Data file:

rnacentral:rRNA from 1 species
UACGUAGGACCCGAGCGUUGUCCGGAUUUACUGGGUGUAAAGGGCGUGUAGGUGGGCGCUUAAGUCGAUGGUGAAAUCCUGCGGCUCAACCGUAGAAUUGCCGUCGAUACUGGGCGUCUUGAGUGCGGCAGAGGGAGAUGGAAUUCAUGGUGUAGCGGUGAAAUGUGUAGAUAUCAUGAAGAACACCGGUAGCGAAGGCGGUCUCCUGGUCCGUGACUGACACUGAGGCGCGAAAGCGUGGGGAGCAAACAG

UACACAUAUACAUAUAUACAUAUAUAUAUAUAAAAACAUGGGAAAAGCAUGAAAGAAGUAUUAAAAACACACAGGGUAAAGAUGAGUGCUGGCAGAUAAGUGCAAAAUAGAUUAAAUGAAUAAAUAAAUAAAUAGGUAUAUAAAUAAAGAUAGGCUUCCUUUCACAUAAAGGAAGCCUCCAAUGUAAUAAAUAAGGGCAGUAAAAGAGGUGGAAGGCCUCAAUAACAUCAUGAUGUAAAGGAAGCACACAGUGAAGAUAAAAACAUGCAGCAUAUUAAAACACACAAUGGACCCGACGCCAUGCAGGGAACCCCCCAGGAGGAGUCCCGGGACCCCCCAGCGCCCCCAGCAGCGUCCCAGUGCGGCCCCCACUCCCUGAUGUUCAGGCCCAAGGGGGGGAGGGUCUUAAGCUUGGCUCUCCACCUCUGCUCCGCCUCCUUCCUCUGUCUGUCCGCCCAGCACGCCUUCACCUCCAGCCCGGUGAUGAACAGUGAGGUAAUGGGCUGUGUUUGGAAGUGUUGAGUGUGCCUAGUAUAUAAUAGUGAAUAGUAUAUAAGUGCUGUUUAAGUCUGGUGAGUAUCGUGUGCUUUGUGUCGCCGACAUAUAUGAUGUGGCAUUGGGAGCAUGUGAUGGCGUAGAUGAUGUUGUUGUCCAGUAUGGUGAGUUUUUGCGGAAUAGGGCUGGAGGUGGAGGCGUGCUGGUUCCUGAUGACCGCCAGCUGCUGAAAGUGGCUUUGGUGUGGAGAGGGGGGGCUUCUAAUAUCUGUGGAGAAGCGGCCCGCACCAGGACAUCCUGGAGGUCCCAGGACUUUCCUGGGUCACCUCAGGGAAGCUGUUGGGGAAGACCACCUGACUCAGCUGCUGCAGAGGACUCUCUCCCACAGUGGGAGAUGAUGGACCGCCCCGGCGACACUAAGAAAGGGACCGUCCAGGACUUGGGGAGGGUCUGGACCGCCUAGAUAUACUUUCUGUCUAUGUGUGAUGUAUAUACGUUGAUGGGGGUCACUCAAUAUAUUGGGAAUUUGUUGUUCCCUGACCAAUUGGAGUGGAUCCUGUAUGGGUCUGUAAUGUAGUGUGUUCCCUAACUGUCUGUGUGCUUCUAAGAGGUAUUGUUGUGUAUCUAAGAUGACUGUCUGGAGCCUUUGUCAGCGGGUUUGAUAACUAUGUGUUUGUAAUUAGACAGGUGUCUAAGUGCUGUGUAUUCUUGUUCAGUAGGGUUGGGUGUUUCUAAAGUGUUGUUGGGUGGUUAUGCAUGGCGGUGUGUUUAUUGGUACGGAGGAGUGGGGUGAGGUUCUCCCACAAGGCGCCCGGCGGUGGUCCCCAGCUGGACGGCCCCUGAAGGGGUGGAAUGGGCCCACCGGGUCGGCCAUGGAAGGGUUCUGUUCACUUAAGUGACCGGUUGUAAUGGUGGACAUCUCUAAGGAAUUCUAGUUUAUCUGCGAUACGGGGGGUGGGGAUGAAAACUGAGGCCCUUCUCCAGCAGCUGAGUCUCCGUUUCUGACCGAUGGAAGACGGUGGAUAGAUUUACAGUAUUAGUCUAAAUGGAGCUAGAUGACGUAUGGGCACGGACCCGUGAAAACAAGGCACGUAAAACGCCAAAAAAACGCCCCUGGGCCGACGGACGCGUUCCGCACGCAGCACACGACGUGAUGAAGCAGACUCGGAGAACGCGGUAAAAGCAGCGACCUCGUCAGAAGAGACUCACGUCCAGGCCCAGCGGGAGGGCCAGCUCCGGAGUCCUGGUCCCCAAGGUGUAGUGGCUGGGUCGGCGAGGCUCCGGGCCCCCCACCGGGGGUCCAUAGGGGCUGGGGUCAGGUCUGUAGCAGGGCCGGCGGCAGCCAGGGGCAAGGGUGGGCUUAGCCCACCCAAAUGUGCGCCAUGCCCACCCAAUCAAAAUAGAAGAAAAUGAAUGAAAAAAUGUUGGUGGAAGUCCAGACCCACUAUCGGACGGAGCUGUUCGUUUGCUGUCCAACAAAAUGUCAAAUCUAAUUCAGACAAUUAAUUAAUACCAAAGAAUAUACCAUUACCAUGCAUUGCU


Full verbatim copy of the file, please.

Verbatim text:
rnacentral:rRNA from 1 species
UACGUAGGACCCGAGCGUUGUCCGGAUUUACUGGGUGUAAAGGGCGUGUAGGUGGGCGCUUAAGUCGAUGGUGAAAUCCUGCGGCUCAACCGUAGAAUUGCCGUCGAUACUGGGCGUCUUGAGUGCGGCAGAGGGAGAUGGAAUUCAUGGUGUAGCGGUGAAAUGUGUAGAUAUCAUGAAGAACACCGGUAGCGAAGGCGGUCUCCUGGUCCGUGACUGACACUGAGGCGCGAAAGCGUGGGGAGCAAACAG

UACACAUAUACAUAUAUACAUAUAUAUAUAUAAAAACAUGGGAAAAGCAUGAAAGAAGUAUUAAAAACACACAGGGUAAAGAUGAGUGCUGGCAGAUAAGUGCAAAAUAGAUUAAAUGAAUAAAUAAAUAAAUAGGUAUAUAAAUAAAGAUAGGCUUCCUUUCACAUAAAGGAAGCCUCCAAUGUAAUAAAUAAGGGCAGUAAAAGAGGUGGAAGGCCUCAAUAACAUCAUGAUGUAAAGGAAGCACACAGUGAAGAUAAAAACAUGCAGCAUAUUAAAACACACAAUGGACCCGACGCCAUGCAGGGAACCCCCCAGGAGGAGUCCCGGGACCCCCCAGCGCCCCCAGCAGCGUCCCAGUGCGGCCCCCACUCCCUGAUGUUCAGGCCCAAGGGGGGGAGGGUCUUAAGCUUGGCUCUCCACCUCUGCUCCGCCUCCUUCCUCUGUCUGUCCGCCCAGCACGCCUUCACCUCCAGCCCGGUGAUGAACAGUGAGGUAAUGGGCUGUGUUUGGAAGUGUUGAGUGUGCCUAGUAUAUAAUAGUGAAUAGUAUAUAAGUGCUGUUUAAGUCUGGUGAGUAUCGUGUGCUUUGUGUCGCCGACAUAUAUGAUGUGGCAUUGGGAGCAUGUGAUGGCGUAGAUGAUGUUGUUGUCCAGUAUGGUGAGUUUUUGCGGAAUAGGGCUGGAGGUGGAGGCGUGCUGGUUCCUGAUGACCGCCAGCUGCUGAAAGUGGCUUUGGUGUGGAGAGGGGGGGCUUCUAAUAUCUGUGGAGAAGCGGCCCGCACCAGGACAUCCUGGAGGUCCCAGGACUUUCCUGGGUCACCUCAGGGAAGCUGUUGGGGAAGACCACCUGACUCAGCUGCUGCAGAGGACUCUCUCCCACAGUGGGAGAUGAUGGACCGCCCCGGCGACACUAAGAAAGGGACCGUCCAGGACUUGGGGAGGGUCUGGACCGCCUAGAUAUACUUUCUGUCUAUGUGUGAUGUAUAUACGUUGAUGGGGGUCACUCAAUAUAUUGGGAAUUUGUUGUUCCCUGACCAAUUGGAGUGGAUCCUGUAUGGGUCUGUAAUGUAGUGUGUUCCCUAACUGUCUGUGUGCUUCUAAGAGGUAUUGUUGUGUAUCUAAGAUGACUGUCUGGAGCCUUUGUCAGCGGGUUUGAUAACUAUGUGUUUGUAAUUAGACAGGUGUCUAAGUGCUGUGUAUUCUUGUUCAGUAGGGUUGGGUGUUUCUAAAGUGUUGUUGGGUGGUUAUGCAUGGCGGUGUGUUUAUUGGUACGGAGGAGUGGGGUGAGGUUCUCCCACAAGGCGCCCGGCGGUGGUCCCCAGCUGGACGGCCCCUGAAGGGGUGGAAUGGGCCCACCGGGUCGGCCAUGGAAGGGUUCUGUUCACUUAAGUGACCGGUUGUAAUGGUGGACAUCUCUAAGGAAUUCUAGUUUAUCUGCGAUACGGGGGGUGGGGAUGAAAACUGAGGCCCUUCUCCAGCAGCUGAGUCUCCGUUUCUGACCGAUGGAAGACGGUGGAUAGAUUUACAGUAUUAGUCUAAAUGGAGCUAGAUGACGUAUGGGCACGGACCCGUGAAAACAAGGCACGUAAAACGCCAAAAAAACGCCCCUGGGCCGACGGACGCGUUCCGCACGCAGCACACGACGUGAUGAAGCAGACUCGGAGAACGCGGUAAAAGCAGCGACCUCGUCAGAAGAGACUCACGUCCAGGCCCAGCGGGAGGGCCAGCUCCGGAGUCCUGGUCCCCAAGGUGUAGUGGCUGGGUCGGCGAGGCUCCGGGCCCCCCACCGGGGGUCCAUAGGGGCUGGGGUCAGGUCUGUAGCAGGGCCGGCGGCAGCCAGGGGCAAGGGUGGGCUUAGCCCACCCAAAUGUGCGCCAUGCCCACCCAAUCAAAAUAGAAGAAAAUGAAUGAAAAAAUGUUGGUGGAAGUCCAGACCCACUAUCGGACGGAGCUGUUCGUUUGCUGUCCAACAAAAUGUCAAAUCUAAUUCAGACAAUUAAUUAAUACCAAAGAAUAUACCAUUACCAUGCAUUGCU